But ChromaDex saves its most thorough work for the fifth counterclaim, providing compelling proof backed up by mandatory authority that contract plaintiffs do not get to cast their grievances as unfair competition claims. ChromaDex explores a variety of potential theories, showing that for each one Elysium lacks the necessary legal and/or factual basis.
I don't know how many times Elysium gets to keep amending its counterclaims to try to state a claim? I have frequently read compelling majority opinions, only to be smitten by the dissent. So prudence might suggest caution until we see Elysium's reply brief. But my guess is that the Court will decide to put all three of these counterclaims out of their misery, and there is not much Elysium can say to prevent it.
So Then What?
That will leave the the parties with their dueling breach of contract claims. If I am correctly recollecting the original complaint, Elysium seems to have taken delivery of about $3-4M worth of ingredients and failed to pay for them. Probably the amount in controversy is what Elysium wanted to pay for them (about 40% of the contract price) and what ChromaDex agreed to (about 80% of the contract price, again, if I recall correctly).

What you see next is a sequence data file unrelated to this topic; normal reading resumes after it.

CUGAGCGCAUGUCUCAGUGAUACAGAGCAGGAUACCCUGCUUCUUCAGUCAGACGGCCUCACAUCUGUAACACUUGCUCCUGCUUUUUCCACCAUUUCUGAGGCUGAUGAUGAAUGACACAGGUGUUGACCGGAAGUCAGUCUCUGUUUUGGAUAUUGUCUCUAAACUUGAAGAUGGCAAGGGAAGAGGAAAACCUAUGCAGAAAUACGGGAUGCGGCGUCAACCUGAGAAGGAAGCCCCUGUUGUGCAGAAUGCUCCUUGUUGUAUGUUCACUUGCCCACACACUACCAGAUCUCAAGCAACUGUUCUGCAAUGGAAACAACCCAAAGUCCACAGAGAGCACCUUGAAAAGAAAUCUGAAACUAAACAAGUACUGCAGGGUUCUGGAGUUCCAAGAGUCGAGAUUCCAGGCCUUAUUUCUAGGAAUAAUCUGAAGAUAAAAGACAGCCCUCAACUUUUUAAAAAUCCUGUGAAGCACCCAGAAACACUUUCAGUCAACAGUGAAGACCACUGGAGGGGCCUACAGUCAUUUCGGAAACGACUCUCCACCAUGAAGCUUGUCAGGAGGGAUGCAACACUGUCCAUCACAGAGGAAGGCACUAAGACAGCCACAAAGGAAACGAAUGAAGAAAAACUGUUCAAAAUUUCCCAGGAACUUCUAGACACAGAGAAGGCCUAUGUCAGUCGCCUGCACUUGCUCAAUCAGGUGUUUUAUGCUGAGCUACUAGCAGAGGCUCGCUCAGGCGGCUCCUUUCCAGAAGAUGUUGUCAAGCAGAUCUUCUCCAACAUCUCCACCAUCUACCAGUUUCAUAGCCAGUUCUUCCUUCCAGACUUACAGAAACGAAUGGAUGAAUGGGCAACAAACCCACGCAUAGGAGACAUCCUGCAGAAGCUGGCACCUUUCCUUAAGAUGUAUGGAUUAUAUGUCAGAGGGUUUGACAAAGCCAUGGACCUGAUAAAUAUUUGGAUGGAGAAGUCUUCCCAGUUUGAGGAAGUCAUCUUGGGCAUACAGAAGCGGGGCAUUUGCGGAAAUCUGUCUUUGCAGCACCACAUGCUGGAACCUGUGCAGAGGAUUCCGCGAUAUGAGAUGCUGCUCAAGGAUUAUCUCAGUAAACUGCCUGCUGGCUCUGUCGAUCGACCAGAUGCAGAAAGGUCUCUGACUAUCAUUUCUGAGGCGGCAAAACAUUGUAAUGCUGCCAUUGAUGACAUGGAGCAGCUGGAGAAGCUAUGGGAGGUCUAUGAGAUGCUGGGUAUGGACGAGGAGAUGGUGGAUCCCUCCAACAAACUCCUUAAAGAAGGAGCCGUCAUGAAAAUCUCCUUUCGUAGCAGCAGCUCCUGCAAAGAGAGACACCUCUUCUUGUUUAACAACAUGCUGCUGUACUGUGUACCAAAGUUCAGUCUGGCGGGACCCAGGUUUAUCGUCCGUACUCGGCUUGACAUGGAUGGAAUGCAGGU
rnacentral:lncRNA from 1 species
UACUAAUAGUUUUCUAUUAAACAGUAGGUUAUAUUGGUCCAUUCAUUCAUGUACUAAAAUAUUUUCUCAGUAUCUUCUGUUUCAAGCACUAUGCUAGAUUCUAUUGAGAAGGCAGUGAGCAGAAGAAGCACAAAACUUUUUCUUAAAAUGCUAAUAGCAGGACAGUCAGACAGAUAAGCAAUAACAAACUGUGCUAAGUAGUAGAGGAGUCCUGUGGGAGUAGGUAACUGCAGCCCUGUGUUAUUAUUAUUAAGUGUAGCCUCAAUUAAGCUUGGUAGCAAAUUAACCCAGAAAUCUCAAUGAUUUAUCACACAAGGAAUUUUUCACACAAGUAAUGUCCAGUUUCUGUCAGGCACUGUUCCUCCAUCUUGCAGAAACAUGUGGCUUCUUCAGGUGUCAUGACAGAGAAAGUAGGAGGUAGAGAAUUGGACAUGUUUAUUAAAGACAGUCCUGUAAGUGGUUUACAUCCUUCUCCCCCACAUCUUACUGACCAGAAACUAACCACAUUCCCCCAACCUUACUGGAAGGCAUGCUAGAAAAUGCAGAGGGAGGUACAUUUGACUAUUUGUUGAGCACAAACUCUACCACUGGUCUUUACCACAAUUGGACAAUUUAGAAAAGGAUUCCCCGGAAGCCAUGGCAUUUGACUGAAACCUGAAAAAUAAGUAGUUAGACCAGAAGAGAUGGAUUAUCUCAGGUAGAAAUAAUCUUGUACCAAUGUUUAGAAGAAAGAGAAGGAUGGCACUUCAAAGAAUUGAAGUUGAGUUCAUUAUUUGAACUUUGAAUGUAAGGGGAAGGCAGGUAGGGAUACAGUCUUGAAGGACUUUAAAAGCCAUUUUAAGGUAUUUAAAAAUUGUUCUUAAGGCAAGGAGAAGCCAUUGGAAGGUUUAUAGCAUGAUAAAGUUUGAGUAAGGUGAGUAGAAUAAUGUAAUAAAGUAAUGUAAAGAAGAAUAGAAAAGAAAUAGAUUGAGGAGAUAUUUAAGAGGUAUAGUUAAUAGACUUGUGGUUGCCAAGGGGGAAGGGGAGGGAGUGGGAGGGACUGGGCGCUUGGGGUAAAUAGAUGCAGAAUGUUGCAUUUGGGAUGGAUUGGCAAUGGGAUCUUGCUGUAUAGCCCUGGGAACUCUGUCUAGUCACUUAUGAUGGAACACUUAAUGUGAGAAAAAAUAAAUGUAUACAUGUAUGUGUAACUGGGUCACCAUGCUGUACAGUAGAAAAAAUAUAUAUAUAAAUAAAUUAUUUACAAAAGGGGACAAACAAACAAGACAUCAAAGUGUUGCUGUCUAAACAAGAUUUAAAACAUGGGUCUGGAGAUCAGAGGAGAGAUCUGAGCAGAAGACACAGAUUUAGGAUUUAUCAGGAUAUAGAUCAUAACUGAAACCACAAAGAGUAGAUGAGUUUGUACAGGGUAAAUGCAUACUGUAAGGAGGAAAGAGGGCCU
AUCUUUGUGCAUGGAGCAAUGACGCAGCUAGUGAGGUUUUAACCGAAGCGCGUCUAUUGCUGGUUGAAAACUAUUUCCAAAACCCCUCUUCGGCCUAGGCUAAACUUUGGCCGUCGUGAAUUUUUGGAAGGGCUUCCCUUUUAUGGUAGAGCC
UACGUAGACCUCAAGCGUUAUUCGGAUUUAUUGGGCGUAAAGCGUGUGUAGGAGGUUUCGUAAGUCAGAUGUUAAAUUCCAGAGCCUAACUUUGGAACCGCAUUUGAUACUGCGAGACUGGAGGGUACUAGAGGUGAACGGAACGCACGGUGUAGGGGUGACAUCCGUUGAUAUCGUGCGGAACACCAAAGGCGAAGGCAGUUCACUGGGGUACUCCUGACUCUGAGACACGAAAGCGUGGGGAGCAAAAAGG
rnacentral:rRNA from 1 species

That means Elysium will have to cough up at least about $1.2M, but possibly $3.2M or $4M.
And that assumes that ChromaDex's own fraud claims get thrown out, and it is not obvious to me that it will. There seems to me prima facie evidence to support these hard words from ChromaDex's motion:
"In 2016, Elysium tried to cheat ChromaDex by (1) fraudulently inducing ChromaDex to fill extraordinarily large purchase orders of NIAGEN and pTeroPure, but never paying for, or intending to pay for, the upfront purchase price or the back end royalties for the products; and (2) simultaneously poaching two ChromaDex employees and conspiring with them to steal certain of ChromaDex’s proprietary trade secret data and information."
It will be a pyrrhic victory indeed for Elysium to win a big discount on its prior purchases (paying just 40% on the dollar!), but (1) paying the balance to Skadden in legal fees, and (2) going out of business because it has permanently lost access to both Niagen and PteroPure. I have not heard anybody argue that ChromaDex lacked the right to terminate Elysium's future supply pursuant to the terms of the contract.
So that means Elysium's only options are: (1) settle the lawsuit quickly and convince ChromaDex to enter into a new contract in exchange for payment of some portion of the disputed amount PLUS the immediate cessation of legal fees; or (2) rebuild Elysium's business on a new and different product line to be developed in the future.
If Elysium continues the litigation to a judgment, ChromaDex will have very little incentive to renew commercial relations with Elysium. What little leverage Elysium has right now is waning every day that the legal fees accrue.
That is, unless Elysium thinks that Skadden is going to pull some rabbit out of its, uh, hat and rescue Eysium's fraud claims from the cage that Cooley has built. I doubt even Houdini could do that. But we'll see.